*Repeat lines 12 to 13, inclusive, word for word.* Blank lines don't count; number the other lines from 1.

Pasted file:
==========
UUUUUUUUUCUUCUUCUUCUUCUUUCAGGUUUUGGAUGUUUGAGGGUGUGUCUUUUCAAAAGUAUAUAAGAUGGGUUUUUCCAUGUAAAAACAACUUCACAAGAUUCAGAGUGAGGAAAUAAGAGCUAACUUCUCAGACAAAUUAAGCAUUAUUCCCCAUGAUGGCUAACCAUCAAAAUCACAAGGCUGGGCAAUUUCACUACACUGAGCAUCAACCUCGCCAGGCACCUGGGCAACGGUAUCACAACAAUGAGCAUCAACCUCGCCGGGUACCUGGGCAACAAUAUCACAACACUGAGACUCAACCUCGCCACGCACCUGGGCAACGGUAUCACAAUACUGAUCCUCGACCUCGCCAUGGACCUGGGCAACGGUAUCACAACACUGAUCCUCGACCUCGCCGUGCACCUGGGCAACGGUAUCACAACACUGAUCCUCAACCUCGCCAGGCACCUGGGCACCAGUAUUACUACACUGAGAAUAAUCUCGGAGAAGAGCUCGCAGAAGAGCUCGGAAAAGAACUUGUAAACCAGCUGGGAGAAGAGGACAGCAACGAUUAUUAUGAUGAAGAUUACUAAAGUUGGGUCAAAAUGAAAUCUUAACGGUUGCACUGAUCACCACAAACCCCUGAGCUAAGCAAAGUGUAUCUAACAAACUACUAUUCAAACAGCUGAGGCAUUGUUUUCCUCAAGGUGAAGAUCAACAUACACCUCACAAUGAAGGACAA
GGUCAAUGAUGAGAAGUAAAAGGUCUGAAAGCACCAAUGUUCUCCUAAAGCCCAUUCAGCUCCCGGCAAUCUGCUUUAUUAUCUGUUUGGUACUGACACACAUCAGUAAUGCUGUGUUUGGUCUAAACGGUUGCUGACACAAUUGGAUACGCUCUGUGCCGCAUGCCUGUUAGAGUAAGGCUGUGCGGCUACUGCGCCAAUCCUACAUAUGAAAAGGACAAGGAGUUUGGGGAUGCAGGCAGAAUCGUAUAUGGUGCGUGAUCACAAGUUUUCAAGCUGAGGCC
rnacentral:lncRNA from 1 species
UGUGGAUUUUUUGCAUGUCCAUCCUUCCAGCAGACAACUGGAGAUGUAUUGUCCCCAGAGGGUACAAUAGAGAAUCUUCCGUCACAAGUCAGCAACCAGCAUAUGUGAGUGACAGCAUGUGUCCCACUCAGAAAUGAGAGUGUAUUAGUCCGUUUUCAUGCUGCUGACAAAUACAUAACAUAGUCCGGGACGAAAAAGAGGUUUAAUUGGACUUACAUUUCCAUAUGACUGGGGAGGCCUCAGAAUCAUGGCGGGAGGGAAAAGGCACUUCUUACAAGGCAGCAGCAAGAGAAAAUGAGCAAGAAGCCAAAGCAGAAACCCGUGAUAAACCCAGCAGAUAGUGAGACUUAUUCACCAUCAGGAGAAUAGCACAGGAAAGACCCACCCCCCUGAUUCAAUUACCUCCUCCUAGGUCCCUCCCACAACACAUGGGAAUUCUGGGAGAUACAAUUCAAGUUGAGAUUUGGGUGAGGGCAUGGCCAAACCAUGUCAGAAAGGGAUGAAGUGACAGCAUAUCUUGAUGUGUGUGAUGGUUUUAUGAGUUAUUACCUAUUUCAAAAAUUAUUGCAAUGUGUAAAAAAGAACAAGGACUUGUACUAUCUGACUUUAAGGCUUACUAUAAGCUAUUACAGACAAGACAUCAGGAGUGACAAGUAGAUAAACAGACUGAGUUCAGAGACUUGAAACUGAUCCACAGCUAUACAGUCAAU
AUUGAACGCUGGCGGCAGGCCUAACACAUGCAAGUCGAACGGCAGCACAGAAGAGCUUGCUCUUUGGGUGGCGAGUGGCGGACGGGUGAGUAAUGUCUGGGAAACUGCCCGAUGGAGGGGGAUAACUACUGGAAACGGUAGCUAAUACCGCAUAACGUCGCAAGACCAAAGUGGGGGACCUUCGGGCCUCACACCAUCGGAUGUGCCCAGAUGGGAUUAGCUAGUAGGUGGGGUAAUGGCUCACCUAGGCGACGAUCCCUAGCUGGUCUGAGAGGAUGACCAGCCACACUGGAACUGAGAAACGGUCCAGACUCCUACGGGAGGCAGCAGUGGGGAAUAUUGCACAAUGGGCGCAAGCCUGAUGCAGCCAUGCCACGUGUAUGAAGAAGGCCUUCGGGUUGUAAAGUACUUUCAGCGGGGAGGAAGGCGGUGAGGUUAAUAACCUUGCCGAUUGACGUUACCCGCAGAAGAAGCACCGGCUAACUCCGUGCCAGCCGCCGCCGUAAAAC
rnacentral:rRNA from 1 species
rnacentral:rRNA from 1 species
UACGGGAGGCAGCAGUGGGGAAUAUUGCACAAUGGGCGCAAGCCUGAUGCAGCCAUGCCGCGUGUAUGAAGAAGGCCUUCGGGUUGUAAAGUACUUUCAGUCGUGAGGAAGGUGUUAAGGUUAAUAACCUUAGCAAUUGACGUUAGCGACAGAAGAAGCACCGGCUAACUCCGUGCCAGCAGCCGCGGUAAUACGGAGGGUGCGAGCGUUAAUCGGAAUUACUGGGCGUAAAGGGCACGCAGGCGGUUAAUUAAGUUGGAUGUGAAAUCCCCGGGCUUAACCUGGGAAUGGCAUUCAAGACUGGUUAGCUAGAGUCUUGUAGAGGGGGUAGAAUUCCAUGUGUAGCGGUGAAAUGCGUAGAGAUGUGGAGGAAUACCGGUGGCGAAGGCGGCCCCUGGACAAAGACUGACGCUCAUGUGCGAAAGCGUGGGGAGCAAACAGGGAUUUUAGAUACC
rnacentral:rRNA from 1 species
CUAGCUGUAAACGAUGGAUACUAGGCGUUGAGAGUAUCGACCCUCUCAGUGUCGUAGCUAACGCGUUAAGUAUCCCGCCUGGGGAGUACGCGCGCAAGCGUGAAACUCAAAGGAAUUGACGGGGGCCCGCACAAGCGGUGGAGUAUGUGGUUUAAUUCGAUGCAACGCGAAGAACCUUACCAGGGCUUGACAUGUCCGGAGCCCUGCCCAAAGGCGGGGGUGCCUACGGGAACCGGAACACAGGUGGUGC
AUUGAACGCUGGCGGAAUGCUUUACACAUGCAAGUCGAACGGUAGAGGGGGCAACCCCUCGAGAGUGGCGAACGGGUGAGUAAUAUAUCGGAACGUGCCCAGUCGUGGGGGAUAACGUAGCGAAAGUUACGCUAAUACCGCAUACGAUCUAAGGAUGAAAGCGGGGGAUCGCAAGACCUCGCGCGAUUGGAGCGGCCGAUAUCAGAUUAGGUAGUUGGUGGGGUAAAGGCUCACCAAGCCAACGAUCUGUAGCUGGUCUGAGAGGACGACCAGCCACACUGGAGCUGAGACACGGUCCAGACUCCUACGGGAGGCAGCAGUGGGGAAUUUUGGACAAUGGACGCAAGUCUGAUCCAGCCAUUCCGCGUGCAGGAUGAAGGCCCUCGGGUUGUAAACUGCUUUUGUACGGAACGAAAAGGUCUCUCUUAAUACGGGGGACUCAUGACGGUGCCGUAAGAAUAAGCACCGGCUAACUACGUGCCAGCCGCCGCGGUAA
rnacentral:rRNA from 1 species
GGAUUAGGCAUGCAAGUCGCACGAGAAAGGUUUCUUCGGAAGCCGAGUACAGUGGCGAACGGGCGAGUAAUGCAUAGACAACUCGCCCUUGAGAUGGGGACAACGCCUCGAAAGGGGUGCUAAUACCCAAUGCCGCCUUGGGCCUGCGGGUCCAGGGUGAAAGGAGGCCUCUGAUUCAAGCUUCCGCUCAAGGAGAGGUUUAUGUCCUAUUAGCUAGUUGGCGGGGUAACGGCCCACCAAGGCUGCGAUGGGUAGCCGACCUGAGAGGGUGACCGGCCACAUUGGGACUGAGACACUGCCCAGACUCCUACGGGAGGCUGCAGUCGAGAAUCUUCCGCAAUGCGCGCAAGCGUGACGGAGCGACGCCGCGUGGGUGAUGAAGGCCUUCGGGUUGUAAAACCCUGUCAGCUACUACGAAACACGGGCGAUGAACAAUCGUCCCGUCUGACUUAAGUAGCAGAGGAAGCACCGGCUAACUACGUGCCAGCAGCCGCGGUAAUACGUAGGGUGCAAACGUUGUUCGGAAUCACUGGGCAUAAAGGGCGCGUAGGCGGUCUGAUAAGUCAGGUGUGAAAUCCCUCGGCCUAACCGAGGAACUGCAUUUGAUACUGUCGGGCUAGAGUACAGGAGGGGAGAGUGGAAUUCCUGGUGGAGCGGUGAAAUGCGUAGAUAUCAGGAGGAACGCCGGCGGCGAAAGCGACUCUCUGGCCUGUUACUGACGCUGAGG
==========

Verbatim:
rnacentral:rRNA from 1 species
GGAUUAGGCAUGCAAGUCGCACGAGAAAGGUUUCUUCGGAAGCCGAGUACAGUGGCGAACGGGCGAGUAAUGCAUAGACAACUCGCCCUUGAGAUGGGGACAACGCCUCGAAAGGGGUGCUAAUACCCAAUGCCGCCUUGGGCCUGCGGGUCCAGGGUGAAAGGAGGCCUCUGAUUCAAGCUUCCGCUCAAGGAGAGGUUUAUGUCCUAUUAGCUAGUUGGCGGGGUAACGGCCCACCAAGGCUGCGAUGGGUAGCCGACCUGAGAGGGUGACCGGCCACAUUGGGACUGAGACACUGCCCAGACUCCUACGGGAGGCUGCAGUCGAGAAUCUUCCGCAAUGCGCGCAAGCGUGACGGAGCGACGCCGCGUGGGUGAUGAAGGCCUUCGGGUUGUAAAACCCUGUCAGCUACUACGAAACACGGGCGAUGAACAAUCGUCCCGUCUGACUUAAGUAGCAGAGGAAGCACCGGCUAACUACGUGCCAGCAGCCGCGGUAAUACGUAGGGUGCAAACGUUGUUCGGAAUCACUGGGCAUAAAGGGCGCGUAGGCGGUCUGAUAAGUCAGGUGUGAAAUCCCUCGGCCUAACCGAGGAACUGCAUUUGAUACUGUCGGGCUAGAGUACAGGAGGGGAGAGUGGAAUUCCUGGUGGAGCGGUGAAAUGCGUAGAUAUCAGGAGGAACGCCGGCGGCGAAAGCGACUCUCUGGCCUGUUACUGACGCUGAGG